These paintings represent a group of Moscow dissident artists of the 1960's who, collectively and individually, spoke out through their art against Soviet repression of individual liberty and freedom of expression. In this collection of "unofficial" or protest art are religious themes, political criticism, and complaints about the economy, the dismal state of Soviet agriculture and even the poor quality of food available in the marketplace. Other paintings are simply individual artistic expressions of beauty, form, color and theme, the very fact of which defines dissident art as that which does not conform to the requirements of Soviet socialist realism.

These paintings were executed during the regime of Leonid Breshnev, the latter years of which have been described as a period of stagnation and economic decline of the Soviet totalitarian system. The very fact these paintings were pro­duced at all is testimony to the artists' determination not to be silenced by a repressive and tyrannical government. When seeking an understanding of the defeat of the Soviet Union in the Cold War, as well as an insight on present-day Russian society, it is helpful to examine the history of the dissident movement in the Soviet Union as expressed in art and litera­ture.

In stark contrast to the "unofficial" or "underground" art, are several state propaganda posters from the 1960's. Visual comparison of the style of the two groups is reveal­ing.

The principal of socialist realism began with Lenin who said, "Art belongs to the people. It must pen­etrate with its deepest roots into the very midst of the toiling masses." Stalin for­malized the concept into three parts: first, artistic activity must be identified with the proletarian cause; second, art must be based on Marxist-Lenist ideol­ogy; third, Soviet art must be an expression of the interests, ideals, and spirit of the working masses. In its early revolutionary education of the toiling masses in the spirit of Socialism, the Communist party defined Socialist realism as "a truthful, historically concrete representation of reality." Obviously, this concept of art leaves little room for the artist to pursue creative freedom of expres­sion.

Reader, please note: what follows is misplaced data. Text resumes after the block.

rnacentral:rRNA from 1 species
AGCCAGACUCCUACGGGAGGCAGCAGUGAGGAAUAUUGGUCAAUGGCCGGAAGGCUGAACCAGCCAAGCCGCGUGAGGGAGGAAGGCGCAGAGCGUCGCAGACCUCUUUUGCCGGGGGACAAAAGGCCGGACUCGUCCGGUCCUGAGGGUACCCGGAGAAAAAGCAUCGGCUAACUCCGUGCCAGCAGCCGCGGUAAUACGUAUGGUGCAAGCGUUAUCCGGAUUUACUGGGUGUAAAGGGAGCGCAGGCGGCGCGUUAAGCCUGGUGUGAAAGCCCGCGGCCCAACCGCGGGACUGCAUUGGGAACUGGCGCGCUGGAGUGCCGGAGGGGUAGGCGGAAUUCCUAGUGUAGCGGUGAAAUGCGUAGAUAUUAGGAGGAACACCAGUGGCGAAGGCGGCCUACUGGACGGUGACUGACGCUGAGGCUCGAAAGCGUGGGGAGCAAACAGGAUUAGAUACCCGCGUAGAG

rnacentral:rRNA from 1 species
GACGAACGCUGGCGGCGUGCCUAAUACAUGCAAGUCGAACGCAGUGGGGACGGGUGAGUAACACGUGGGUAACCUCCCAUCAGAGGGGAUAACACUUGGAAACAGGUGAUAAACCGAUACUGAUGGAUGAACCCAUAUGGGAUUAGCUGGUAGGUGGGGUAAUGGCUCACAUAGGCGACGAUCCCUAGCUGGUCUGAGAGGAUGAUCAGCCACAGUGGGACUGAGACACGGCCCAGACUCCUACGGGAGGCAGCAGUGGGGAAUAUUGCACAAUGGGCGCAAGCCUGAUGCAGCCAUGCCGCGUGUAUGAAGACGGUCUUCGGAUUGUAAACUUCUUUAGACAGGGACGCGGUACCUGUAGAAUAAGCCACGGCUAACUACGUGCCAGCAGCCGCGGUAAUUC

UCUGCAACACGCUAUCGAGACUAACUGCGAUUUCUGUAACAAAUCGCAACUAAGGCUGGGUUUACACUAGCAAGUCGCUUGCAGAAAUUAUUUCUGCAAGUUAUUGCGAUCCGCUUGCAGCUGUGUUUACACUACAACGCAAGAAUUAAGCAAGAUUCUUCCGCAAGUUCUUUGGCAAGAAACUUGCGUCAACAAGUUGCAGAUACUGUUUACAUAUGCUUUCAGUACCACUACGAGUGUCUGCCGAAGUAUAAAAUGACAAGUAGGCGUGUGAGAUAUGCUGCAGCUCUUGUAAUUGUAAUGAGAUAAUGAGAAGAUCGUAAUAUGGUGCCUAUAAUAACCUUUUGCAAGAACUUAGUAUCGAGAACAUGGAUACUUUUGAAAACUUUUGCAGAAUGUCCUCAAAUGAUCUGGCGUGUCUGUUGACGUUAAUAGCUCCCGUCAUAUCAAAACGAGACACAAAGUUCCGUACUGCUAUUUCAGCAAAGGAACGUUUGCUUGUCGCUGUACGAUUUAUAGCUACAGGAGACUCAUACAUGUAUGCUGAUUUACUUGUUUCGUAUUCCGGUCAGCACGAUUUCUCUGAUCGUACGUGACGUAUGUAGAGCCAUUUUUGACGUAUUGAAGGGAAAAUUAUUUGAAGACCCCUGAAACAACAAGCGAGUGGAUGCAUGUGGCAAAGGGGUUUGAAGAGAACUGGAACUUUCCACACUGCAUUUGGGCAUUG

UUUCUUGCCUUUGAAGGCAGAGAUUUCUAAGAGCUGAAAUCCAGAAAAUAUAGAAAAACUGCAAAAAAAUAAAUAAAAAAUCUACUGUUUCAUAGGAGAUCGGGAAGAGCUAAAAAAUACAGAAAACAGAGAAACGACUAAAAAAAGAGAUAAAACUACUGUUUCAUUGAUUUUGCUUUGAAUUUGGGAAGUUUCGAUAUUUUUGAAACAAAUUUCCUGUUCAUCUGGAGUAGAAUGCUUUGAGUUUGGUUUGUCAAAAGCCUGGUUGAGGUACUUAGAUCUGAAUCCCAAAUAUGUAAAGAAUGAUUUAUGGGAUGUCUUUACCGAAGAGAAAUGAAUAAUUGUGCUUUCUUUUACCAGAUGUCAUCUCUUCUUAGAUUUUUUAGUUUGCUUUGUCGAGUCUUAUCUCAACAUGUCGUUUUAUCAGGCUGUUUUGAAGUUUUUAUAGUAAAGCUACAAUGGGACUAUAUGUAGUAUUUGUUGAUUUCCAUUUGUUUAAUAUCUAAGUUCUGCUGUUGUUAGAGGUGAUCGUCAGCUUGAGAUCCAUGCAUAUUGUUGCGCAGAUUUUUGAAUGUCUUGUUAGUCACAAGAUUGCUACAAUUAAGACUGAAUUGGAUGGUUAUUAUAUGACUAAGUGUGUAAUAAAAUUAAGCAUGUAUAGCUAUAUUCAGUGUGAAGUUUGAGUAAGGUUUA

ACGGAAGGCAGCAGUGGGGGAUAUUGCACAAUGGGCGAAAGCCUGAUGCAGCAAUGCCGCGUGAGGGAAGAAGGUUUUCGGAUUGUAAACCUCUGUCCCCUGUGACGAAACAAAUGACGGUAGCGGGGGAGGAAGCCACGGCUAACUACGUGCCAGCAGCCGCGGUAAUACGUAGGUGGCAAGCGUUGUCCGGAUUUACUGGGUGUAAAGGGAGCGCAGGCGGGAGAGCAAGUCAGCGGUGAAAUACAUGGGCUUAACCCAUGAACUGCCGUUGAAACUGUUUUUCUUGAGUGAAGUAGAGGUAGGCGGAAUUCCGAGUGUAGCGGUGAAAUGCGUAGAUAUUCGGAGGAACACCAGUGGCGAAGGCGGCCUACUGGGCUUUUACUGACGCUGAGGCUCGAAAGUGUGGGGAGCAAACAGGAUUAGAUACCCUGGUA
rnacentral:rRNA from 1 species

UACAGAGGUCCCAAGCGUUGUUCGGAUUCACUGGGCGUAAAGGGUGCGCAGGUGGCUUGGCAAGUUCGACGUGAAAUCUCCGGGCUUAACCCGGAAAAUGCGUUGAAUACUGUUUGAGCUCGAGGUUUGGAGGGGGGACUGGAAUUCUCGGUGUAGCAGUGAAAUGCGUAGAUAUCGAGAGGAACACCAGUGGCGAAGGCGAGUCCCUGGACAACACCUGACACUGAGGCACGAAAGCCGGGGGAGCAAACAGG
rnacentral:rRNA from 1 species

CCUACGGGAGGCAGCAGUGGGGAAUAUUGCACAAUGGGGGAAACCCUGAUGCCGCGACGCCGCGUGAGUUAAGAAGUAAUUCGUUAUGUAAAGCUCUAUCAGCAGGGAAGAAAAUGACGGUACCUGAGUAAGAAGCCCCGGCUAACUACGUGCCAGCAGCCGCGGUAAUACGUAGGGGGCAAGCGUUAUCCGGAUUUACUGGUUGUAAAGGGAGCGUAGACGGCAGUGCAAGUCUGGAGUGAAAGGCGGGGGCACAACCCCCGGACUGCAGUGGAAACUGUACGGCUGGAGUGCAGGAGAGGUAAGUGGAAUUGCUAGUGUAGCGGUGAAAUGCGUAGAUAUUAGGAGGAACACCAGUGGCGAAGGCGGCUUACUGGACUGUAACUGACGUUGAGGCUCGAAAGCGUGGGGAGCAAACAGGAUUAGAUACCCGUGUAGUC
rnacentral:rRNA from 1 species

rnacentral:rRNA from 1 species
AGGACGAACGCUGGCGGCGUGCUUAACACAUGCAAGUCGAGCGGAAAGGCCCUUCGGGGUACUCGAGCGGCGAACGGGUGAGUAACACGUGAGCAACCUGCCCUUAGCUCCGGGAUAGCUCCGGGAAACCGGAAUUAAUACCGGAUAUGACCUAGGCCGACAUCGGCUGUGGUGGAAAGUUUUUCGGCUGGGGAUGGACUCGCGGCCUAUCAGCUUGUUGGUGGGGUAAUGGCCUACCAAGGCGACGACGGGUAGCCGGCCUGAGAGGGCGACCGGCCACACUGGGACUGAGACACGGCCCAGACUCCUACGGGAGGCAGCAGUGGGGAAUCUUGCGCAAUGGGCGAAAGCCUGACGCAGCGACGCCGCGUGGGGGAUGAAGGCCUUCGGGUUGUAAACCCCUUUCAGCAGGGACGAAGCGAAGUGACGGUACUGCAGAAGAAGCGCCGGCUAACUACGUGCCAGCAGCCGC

As a result of the refusal to conform to the rules handed down by the Soviet Communist Party through the Artists Union, the individual dissidents paid a high price; a few with their lives. Generally, though, life was a series of run-ins with the authori­ties, militia and KGB. There was the occasional arrest and threat of prosecution as a social parasite. It was an uncertain existence, never knowing when one might be arrested or forced to leave Moscow. The artists were prohibited from buying art supplies and materials from the state stores and, consequently, had to procure materials in any way they could. Unofficial artists were not allowed to exhibit in any formal showing in the Soviet Union - museums, institutes, public halls, universities - all of which were controlled by the state.

Nevertheless, the dissident artists and writers were very influential among the intellectual class in Russia and played an important role in the eventual unraveling of the Soviet Union.

These paintings were acquired from the artists in Moscow over a two year period, 1967-1969, during my tenure as a diplomat at the U.S. Embassy there. To choose to be an unofficial artist in the Soviet Union and to engage in active protest against the regime, during a time of stringent totalitarian control of every aspect of public and private life, required considerable per­sonal sacrifice. This exhibit is a tribute to the courage of these artists who refused to allow their individual expressions of life, freedom and thought to be suppressed.

The entire collection was recently appraised with a replacement cost in excess of one-million dollars by the International Society of Appraisers.